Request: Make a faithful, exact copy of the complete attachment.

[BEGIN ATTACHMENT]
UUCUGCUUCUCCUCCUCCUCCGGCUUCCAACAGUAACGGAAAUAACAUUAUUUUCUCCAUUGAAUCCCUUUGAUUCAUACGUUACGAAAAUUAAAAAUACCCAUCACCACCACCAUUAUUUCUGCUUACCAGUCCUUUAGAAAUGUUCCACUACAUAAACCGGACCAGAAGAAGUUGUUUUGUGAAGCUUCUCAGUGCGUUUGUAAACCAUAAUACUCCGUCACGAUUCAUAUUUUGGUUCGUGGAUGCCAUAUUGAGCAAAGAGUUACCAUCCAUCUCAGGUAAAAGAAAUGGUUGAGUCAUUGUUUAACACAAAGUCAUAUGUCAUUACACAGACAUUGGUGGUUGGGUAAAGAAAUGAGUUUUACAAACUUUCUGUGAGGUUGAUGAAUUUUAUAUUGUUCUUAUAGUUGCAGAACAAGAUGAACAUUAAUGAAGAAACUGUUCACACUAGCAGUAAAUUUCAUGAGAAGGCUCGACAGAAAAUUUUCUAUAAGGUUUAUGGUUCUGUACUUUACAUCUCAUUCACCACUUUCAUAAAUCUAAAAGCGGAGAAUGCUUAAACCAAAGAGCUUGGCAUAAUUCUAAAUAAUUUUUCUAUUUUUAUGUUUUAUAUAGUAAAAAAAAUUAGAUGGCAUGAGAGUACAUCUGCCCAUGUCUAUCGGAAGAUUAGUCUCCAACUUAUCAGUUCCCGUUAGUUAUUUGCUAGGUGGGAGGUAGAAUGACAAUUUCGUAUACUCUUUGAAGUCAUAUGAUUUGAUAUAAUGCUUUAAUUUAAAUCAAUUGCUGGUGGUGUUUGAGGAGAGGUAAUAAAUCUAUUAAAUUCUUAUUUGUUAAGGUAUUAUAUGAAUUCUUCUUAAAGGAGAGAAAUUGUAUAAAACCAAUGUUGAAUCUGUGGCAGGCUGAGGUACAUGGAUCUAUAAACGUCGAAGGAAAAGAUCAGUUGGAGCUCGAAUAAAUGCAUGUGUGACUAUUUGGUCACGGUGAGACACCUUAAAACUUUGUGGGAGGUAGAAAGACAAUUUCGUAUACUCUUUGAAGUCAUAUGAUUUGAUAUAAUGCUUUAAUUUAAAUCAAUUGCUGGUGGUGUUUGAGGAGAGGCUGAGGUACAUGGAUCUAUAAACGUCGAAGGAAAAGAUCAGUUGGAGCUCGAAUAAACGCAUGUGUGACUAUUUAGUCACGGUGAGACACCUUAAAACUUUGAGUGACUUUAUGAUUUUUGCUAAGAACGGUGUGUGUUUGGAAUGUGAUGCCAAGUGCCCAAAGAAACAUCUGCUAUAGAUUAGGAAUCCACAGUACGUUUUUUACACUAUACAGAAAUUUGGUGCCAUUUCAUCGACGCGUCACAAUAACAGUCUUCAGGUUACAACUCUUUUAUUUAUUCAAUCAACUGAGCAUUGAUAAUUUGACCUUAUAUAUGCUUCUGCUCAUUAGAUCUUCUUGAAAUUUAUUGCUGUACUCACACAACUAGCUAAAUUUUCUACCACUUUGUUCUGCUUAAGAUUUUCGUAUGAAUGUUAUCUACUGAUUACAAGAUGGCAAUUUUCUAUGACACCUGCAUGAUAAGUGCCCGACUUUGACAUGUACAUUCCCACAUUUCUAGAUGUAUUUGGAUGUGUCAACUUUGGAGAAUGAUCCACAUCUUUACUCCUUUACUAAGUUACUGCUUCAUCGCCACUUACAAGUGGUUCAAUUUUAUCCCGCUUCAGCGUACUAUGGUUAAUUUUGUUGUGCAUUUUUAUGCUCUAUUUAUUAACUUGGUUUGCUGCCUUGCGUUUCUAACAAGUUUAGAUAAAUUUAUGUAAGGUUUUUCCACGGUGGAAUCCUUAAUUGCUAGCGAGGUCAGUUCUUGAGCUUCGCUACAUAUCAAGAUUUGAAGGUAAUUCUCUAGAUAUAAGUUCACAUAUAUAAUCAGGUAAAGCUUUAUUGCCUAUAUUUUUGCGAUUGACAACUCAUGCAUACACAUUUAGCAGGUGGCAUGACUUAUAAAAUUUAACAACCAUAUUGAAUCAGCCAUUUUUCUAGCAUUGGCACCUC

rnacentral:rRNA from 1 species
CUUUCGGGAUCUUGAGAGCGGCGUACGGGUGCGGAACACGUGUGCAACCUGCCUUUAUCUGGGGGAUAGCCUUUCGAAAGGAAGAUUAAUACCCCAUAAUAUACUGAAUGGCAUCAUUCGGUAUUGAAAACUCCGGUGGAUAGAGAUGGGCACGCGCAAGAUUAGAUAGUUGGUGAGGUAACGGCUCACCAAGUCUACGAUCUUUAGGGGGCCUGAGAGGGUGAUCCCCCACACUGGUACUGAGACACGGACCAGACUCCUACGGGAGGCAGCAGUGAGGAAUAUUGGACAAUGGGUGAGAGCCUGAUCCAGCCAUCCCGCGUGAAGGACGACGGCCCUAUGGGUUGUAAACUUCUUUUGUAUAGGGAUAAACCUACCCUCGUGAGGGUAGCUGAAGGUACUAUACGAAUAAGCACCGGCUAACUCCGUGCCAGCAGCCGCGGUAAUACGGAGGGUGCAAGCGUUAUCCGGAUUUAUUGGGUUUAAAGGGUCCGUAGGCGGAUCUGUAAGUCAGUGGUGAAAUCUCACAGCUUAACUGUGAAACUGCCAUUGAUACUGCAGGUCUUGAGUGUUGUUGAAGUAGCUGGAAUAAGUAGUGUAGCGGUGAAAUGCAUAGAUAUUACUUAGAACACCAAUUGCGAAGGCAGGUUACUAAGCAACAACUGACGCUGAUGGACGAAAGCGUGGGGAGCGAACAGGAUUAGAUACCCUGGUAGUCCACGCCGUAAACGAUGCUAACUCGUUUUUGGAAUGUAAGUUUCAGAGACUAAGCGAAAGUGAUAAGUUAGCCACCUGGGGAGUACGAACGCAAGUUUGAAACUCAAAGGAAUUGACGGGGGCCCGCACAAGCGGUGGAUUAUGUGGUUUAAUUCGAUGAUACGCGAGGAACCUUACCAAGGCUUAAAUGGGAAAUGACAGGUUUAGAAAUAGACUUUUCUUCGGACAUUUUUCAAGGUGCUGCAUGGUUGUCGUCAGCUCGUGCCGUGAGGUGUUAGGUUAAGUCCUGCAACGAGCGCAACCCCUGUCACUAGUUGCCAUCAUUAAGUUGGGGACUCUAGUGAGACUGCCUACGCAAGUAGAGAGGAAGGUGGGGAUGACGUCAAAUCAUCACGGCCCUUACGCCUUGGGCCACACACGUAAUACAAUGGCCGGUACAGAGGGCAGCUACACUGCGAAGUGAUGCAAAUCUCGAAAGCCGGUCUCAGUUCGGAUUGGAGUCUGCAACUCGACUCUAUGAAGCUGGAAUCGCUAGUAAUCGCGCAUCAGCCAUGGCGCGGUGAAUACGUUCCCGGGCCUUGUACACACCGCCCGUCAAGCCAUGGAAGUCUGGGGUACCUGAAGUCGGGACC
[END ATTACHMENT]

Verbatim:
UUCUGCUUCUCCUCCUCCUCCGGCUUCCAACAGUAACGGAAAUAACAUUAUUUUCUCCAUUGAAUCCCUUUGAUUCAUACGUUACGAAAAUUAAAAAUACCCAUCACCACCACCAUUAUUUCUGCUUACCAGUCCUUUAGAAAUGUUCCACUACAUAAACCGGACCAGAAGAAGUUGUUUUGUGAAGCUUCUCAGUGCGUUUGUAAACCAUAAUACUCCGUCACGAUUCAUAUUUUGGUUCGUGGAUGCCAUAUUGAGCAAAGAGUUACCAUCCAUCUCAGGUAAAAGAAAUGGUUGAGUCAUUGUUUAACACAAAGUCAUAUGUCAUUACACAGACAUUGGUGGUUGGGUAAAGAAAUGAGUUUUACAAACUUUCUGUGAGGUUGAUGAAUUUUAUAUUGUUCUUAUAGUUGCAGAACAAGAUGAACAUUAAUGAAGAAACUGUUCACACUAGCAGUAAAUUUCAUGAGAAGGCUCGACAGAAAAUUUUCUAUAAGGUUUAUGGUUCUGUACUUUACAUCUCAUUCACCACUUUCAUAAAUCUAAAAGCGGAGAAUGCUUAAACCAAAGAGCUUGGCAUAAUUCUAAAUAAUUUUUCUAUUUUUAUGUUUUAUAUAGUAAAAAAAAUUAGAUGGCAUGAGAGUACAUCUGCCCAUGUCUAUCGGAAGAUUAGUCUCCAACUUAUCAGUUCCCGUUAGUUAUUUGCUAGGUGGGAGGUAGAAUGACAAUUUCGUAUACUCUUUGAAGUCAUAUGAUUUGAUAUAAUGCUUUAAUUUAAAUCAAUUGCUGGUGGUGUUUGAGGAGAGGUAAUAAAUCUAUUAAAUUCUUAUUUGUUAAGGUAUUAUAUGAAUUCUUCUUAAAGGAGAGAAAUUGUAUAAAACCAAUGUUGAAUCUGUGGCAGGCUGAGGUACAUGGAUCUAUAAACGUCGAAGGAAAAGAUCAGUUGGAGCUCGAAUAAAUGCAUGUGUGACUAUUUGGUCACGGUGAGACACCUUAAAACUUUGUGGGAGGUAGAAAGACAAUUUCGUAUACUCUUUGAAGUCAUAUGAUUUGAUAUAAUGCUUUAAUUUAAAUCAAUUGCUGGUGGUGUUUGAGGAGAGGCUGAGGUACAUGGAUCUAUAAACGUCGAAGGAAAAGAUCAGUUGGAGCUCGAAUAAACGCAUGUGUGACUAUUUAGUCACGGUGAGACACCUUAAAACUUUGAGUGACUUUAUGAUUUUUGCUAAGAACGGUGUGUGUUUGGAAUGUGAUGCCAAGUGCCCAAAGAAACAUCUGCUAUAGAUUAGGAAUCCACAGUACGUUUUUUACACUAUACAGAAAUUUGGUGCCAUUUCAUCGACGCGUCACAAUAACAGUCUUCAGGUUACAACUCUUUUAUUUAUUCAAUCAACUGAGCAUUGAUAAUUUGACCUUAUAUAUGCUUCUGCUCAUUAGAUCUUCUUGAAAUUUAUUGCUGUACUCACACAACUAGCUAAAUUUUCUACCACUUUGUUCUGCUUAAGAUUUUCGUAUGAAUGUUAUCUACUGAUUACAAGAUGGCAAUUUUCUAUGACACCUGCAUGAUAAGUGCCCGACUUUGACAUGUACAUUCCCACAUUUCUAGAUGUAUUUGGAUGUGUCAACUUUGGAGAAUGAUCCACAUCUUUACUCCUUUACUAAGUUACUGCUUCAUCGCCACUUACAAGUGGUUCAAUUUUAUCCCGCUUCAGCGUACUAUGGUUAAUUUUGUUGUGCAUUUUUAUGCUCUAUUUAUUAACUUGGUUUGCUGCCUUGCGUUUCUAACAAGUUUAGAUAAAUUUAUGUAAGGUUUUUCCACGGUGGAAUCCUUAAUUGCUAGCGAGGUCAGUUCUUGAGCUUCGCUACAUAUCAAGAUUUGAAGGUAAUUCUCUAGAUAUAAGUUCACAUAUAUAAUCAGGUAAAGCUUUAUUGCCUAUAUUUUUGCGAUUGACAACUCAUGCAUACACAUUUAGCAGGUGGCAUGACUUAUAAAAUUUAACAACCAUAUUGAAUCAGCCAUUUUUCUAGCAUUGGCACCUC

rnacentral:rRNA from 1 species
CUUUCGGGAUCUUGAGAGCGGCGUACGGGUGCGGAACACGUGUGCAACCUGCCUUUAUCUGGGGGAUAGCCUUUCGAAAGGAAGAUUAAUACCCCAUAAUAUACUGAAUGGCAUCAUUCGGUAUUGAAAACUCCGGUGGAUAGAGAUGGGCACGCGCAAGAUUAGAUAGUUGGUGAGGUAACGGCUCACCAAGUCUACGAUCUUUAGGGGGCCUGAGAGGGUGAUCCCCCACACUGGUACUGAGACACGGACCAGACUCCUACGGGAGGCAGCAGUGAGGAAUAUUGGACAAUGGGUGAGAGCCUGAUCCAGCCAUCCCGCGUGAAGGACGACGGCCCUAUGGGUUGUAAACUUCUUUUGUAUAGGGAUAAACCUACCCUCGUGAGGGUAGCUGAAGGUACUAUACGAAUAAGCACCGGCUAACUCCGUGCCAGCAGCCGCGGUAAUACGGAGGGUGCAAGCGUUAUCCGGAUUUAUUGGGUUUAAAGGGUCCGUAGGCGGAUCUGUAAGUCAGUGGUGAAAUCUCACAGCUUAACUGUGAAACUGCCAUUGAUACUGCAGGUCUUGAGUGUUGUUGAAGUAGCUGGAAUAAGUAGUGUAGCGGUGAAAUGCAUAGAUAUUACUUAGAACACCAAUUGCGAAGGCAGGUUACUAAGCAACAACUGACGCUGAUGGACGAAAGCGUGGGGAGCGAACAGGAUUAGAUACCCUGGUAGUCCACGCCGUAAACGAUGCUAACUCGUUUUUGGAAUGUAAGUUUCAGAGACUAAGCGAAAGUGAUAAGUUAGCCACCUGGGGAGUACGAACGCAAGUUUGAAACUCAAAGGAAUUGACGGGGGCCCGCACAAGCGGUGGAUUAUGUGGUUUAAUUCGAUGAUACGCGAGGAACCUUACCAAGGCUUAAAUGGGAAAUGACAGGUUUAGAAAUAGACUUUUCUUCGGACAUUUUUCAAGGUGCUGCAUGGUUGUCGUCAGCUCGUGCCGUGAGGUGUUAGGUUAAGUCCUGCAACGAGCGCAACCCCUGUCACUAGUUGCCAUCAUUAAGUUGGGGACUCUAGUGAGACUGCCUACGCAAGUAGAGAGGAAGGUGGGGAUGACGUCAAAUCAUCACGGCCCUUACGCCUUGGGCCACACACGUAAUACAAUGGCCGGUACAGAGGGCAGCUACACUGCGAAGUGAUGCAAAUCUCGAAAGCCGGUCUCAGUUCGGAUUGGAGUCUGCAACUCGACUCUAUGAAGCUGGAAUCGCUAGUAAUCGCGCAUCAGCCAUGGCGCGGUGAAUACGUUCCCGGGCCUUGUACACACCGCCCGUCAAGCCAUGGAAGUCUGGGGUACCUGAAGUCGGGACC